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Charolais breeding success.

Byline: By Jennifer Mackenzie

Steve Nesbitt remains quietly optimistic about the future of the UK's beef industry under the new Single Farm Payment regime.

"Like any other sector undergoing major change, those who decide to stay in business will be profit-driven," he said. "To maximise returns, they'll be forced to produce a high-performing quality beast, and there is evidence that the trend is already starting to kick in.

"Within the first few weeks of 2005, trade for quality Charolais crosses is looking stronger than ever. The gap between Charolais crosses and other continental crosses has started to widen even further as finishers realize that Charolais cross cattle are streets ahead on growth rate.

"Charolais crosses will reach target weight from 15 months onwards and, compared with other continental crosses, they will achieve at least 50kg growth advantage over the same time period, a yield worth more than pounds 60, which will go a long way towards covering the loss of the second BSP payment," added Steve who, together with his father Doug and brother David, runs Alwent Hall, an owner occupier farm near Winston, just a stone's throw over the North Yorkshire border. The Nesbitts have over the years placed their eggs in more than one basket, which is enabling them now to be better placed to adjust to the new regime. Alwent comprises a 200-acre mix of grassland and arable, it carries a prize-winning flock of 120 pedigree Texel ewes, and redundant farm buildings have been converted to workshops and facilities for Pye Bibby's regional retail outlet.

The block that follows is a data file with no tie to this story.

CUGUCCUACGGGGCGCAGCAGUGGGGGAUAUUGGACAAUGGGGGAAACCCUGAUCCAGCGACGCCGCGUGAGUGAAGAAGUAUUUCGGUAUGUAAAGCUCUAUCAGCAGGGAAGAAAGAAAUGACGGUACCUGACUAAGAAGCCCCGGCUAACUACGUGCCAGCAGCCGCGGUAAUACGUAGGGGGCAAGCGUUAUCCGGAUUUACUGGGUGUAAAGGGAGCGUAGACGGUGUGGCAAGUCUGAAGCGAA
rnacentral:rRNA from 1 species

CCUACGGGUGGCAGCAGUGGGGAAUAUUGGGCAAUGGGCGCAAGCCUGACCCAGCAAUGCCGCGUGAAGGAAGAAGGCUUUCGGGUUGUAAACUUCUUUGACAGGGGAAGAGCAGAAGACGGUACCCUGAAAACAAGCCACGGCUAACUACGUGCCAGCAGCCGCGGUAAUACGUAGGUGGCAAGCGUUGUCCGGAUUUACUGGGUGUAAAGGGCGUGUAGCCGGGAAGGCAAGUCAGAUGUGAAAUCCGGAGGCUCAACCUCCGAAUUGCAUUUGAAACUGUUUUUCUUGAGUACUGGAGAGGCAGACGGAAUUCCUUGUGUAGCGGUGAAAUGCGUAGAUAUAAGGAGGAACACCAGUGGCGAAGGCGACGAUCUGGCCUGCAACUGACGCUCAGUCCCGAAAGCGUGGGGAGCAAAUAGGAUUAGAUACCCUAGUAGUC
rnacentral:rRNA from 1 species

However, it is the family's 40-cow pedigree Charolais herd producing high performance bulls for the suckler sector, as well as for other breeders, that Steve says will continue to remain at the heart of the business.

"We established the herd 25 years ago as a hobby. However, it has evolved to become a serious commercial venture that nowadays makes up a significant part of our overall farm income," he said.

"In fact, Charolais is now by far my biggest interest and the herd is here to stay until I pack up farming. For starters, Charolais is beyond doubt the superior beef breed on performance; it leaves calves that are naturally fleshed and with that unbeatable weight for age.

"Charolais crosses are most cost effective, regardless of appetite, simply because they have that genetic ability to convert feed at a much higher rate and at an earlier age than any other Continental crosses.

"And that's a real benefit which will be increasingly to the fore in future as finishers adopt more intensive systems to realise their animals' potential and subsequently higher margins.

"However, I think the breed will also have a real role to play in more extensive suckler beef systems, those requiring less labour and other inputs which we're also likely to see being adopted under the new regime. Apart from having the performance edge in a low input system, Charolais cross calves have a quiet temperament, and over the years great strides have been made in improving ease of calving, and through BLUP we are able to recognize those easier calving lines."

Calving ease, together with growth rate and fleshing ability, are the main performance traits the Nesbitts have carefully selected for in the last five years, ensuring they deliver bulls that match market requirements.

Today the Alwent herd is among the breed leaders in the North-East with all its progeny heading towards being within the breed's top 15pc for both beef and calving values. "Our goal is to offer naturally-fed bulls with an average 400 day daily liveweight gain of 1.65kg to 1.7kg. We are firm believers in selling through the ring in Perth and Carlisle, however in the last couple of years we've had an unprecedented demand at the farm gate," added Steve.

The Nesbitts former herd sire, Baggrave Minstrel, has had a major influence at Alwent and left a number of top-flight progeny, including Alwent Peregrin, who lifted the Royal and Great Yorkshire interbreed junior championships; the 13,000gns Royal Highland junior champion, Alwent Osprey; and the Carlisle Christmas Cracker champion, Alwent Orchid, who sold for 6,800gns.
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Publication:The Journal (Newcastle, England)
Date:Feb 19, 2005
Words:692
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